By Tom Hubler, Executive Consultant
With the New Year starting, it’s a great time to make sure you have a plan for your business (and if you do, that it’s as thorough and up to date as it should be). I always say a plan is better than a New Year’s resolution because it will guide you through the year with much better results. And in the context of the current COVID-19 pandemic and all the uncertainty that still surrounds us this January, a business plan is more essential than ever.
This is especially true for family businesses, whose plans should address ownership, management, the business model and family emotional equity.
When I was a junior in high school, I worked for a family business called Knowlan’s, a small supermarket owned by six siblings in St. Paul. Bill Knowlan, the oldest of the boys, was the president and charismatic leader of the company. He was a jocular person who frequently talked in riddles.
One day I was stamping #303 tins of peas and placing them on the shelf. Bill walked down the aisle and asked me, “What’s your plan?” I stammered, “I don’t have a plan; I’m busy putting peas on the shelf.” Bill emphatically said, “What’s your plan?” I responded again in my exasperated way, “I don’t have a plan; I’m busy putting peas on the shelf.” His response as he walked off was, “A plan that isn’t working is better than no plan at all!” In my adolescent way I thought, what a dumb thing to say.
The truth is that I’ve never forgotten that moment and Bill’s sage advice. I’ve used it throughout my entire career, and it was particularly useful when I taught the family business management class at the University of St. Thomas.In the years that followed working for Bill, I learned there is not just one, but four types of plans necessary for a family business to be successful: an ownership plan, a management and leadership plan, a business plan and a family plan. When it comes to succession planning, I call these plans the inside-out succession planning process.
Planning begins with the business owner identifying both the purpose of his/her planning and the expected outcome of the plan. Next is identifying the items that motivate him or her to do the planning—economic security, health, family unity and legacy. All four of these are major motivators for achieving a successful plan.
Ownership plan. In essence this is about how one wants to leave his or her business, and with whom. It includes creating a financial exit strategy for the owner and an estate plan that treats the adult children in the family business equitably. Also included is a plan to transfer ownership of the business, and the development and use of a good board of directors. Because there is no way to replace the entrepreneurial founder/owner, a new system must be created, and that new system is board-chaired by the owner.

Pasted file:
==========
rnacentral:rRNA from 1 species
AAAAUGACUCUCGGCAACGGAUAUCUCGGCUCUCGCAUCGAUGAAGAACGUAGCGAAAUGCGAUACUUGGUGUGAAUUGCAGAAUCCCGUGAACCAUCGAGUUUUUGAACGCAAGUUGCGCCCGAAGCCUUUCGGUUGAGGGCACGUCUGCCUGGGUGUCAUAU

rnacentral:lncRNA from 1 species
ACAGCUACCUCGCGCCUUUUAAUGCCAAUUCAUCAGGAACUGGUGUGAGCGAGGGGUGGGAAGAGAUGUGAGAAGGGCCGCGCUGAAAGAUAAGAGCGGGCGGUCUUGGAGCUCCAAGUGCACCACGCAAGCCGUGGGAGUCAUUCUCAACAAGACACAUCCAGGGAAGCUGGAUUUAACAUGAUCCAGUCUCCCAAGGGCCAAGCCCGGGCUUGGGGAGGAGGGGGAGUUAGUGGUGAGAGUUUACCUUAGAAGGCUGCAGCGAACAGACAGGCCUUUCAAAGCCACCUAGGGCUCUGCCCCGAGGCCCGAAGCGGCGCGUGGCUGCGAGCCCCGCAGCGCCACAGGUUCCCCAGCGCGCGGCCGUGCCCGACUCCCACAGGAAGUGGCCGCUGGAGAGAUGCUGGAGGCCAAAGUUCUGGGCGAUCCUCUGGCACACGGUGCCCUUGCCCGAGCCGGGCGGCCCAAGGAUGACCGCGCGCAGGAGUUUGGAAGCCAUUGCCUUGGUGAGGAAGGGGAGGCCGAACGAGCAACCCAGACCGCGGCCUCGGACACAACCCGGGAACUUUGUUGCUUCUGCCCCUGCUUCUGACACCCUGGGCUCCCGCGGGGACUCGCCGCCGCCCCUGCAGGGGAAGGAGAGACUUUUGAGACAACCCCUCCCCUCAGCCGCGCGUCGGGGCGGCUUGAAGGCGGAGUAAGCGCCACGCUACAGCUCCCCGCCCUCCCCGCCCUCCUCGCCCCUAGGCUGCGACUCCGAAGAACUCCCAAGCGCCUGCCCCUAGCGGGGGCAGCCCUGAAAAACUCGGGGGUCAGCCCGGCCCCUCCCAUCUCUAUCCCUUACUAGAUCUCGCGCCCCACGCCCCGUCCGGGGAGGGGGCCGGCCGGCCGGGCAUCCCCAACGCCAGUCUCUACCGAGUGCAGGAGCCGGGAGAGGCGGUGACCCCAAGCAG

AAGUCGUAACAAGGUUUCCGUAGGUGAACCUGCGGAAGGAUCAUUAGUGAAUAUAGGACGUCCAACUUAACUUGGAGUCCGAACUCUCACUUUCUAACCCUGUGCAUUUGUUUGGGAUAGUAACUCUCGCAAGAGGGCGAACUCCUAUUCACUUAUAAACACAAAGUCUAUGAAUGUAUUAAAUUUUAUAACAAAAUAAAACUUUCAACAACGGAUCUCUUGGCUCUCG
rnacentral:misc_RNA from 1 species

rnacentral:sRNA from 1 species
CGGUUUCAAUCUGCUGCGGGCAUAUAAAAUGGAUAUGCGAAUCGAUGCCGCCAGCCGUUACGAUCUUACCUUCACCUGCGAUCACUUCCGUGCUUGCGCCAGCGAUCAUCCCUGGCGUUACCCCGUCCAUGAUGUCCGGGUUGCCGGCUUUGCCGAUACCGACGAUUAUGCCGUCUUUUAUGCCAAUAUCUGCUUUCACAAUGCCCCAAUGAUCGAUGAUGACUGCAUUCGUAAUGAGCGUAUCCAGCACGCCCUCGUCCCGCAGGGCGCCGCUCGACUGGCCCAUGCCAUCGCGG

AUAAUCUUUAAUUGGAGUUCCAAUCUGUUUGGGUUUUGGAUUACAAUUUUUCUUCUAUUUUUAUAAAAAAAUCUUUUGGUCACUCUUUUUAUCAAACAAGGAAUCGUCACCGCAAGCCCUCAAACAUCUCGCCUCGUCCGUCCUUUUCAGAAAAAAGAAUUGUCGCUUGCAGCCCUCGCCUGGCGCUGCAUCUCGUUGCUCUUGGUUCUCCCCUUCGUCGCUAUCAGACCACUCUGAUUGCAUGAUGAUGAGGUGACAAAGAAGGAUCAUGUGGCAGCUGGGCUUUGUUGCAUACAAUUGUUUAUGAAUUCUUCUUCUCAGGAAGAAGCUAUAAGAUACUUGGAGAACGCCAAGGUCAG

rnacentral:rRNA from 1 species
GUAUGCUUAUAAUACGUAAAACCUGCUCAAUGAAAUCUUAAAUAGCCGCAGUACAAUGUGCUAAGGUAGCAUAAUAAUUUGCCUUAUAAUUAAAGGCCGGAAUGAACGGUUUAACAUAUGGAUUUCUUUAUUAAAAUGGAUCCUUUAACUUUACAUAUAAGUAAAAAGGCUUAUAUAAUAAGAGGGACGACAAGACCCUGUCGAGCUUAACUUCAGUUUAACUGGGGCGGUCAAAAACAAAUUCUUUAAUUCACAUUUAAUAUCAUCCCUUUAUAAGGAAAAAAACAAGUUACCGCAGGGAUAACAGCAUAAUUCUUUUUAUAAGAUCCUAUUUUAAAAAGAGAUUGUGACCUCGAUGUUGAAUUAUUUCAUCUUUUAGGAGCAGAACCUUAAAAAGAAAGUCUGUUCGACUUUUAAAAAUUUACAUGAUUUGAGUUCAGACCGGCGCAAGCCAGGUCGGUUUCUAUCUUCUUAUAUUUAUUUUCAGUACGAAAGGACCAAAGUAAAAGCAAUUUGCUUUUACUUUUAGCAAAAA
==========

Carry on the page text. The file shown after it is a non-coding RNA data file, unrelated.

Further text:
Management and leadership plan. This plan includes the owner making a decision about his/her role in the leadership of the company. I refer to this as the last challenging decision for an entrepreneurial spirit. Owners don’t have to retire outright and leave the company, but they must change their job description and become the architect and designer, along with their family and advisors, of the new ownership system and the new management and leadership system. This new management and leadership system includes a family participation plan, which defines guidelines and compensation plans for family members working in the company.
A formal business plan. When you are an entrepreneur, you usually don’t want or need a formal business plan. But when you shift from being an entrepreneurial company to a more formal and professionally managed business with many family members working in the company, a business plan is essential—especially a plan that represents the entrepreneurial spirit of the company. This continues to be crucial after the company transitions to a future generation.
Family plan. The family plan is used to prevent normal business and financial differences from eroding family relationships. What the family plan entails is building the emotional equity of the family while you are building the financial equity of the company.
In my work with family businesses, I use these four plans to assist them in creating plans to maintain and grow their businesses profitably, and, at the same time, create and maintain loving families. It is important that family businesses work and plan on both sides of the equation—the business and the family.
Thirty years after I received this initial advice from Bill Knowlan, I called him and invited him out to lunch. Bill said, “What’s the occasion?” I responded that it was a Bill Knowlan appreciation luncheon to allow me to express my gratitude for all that he taught me—how essential it is to have a plan.
A version of this column was first published in Twin Cities Business.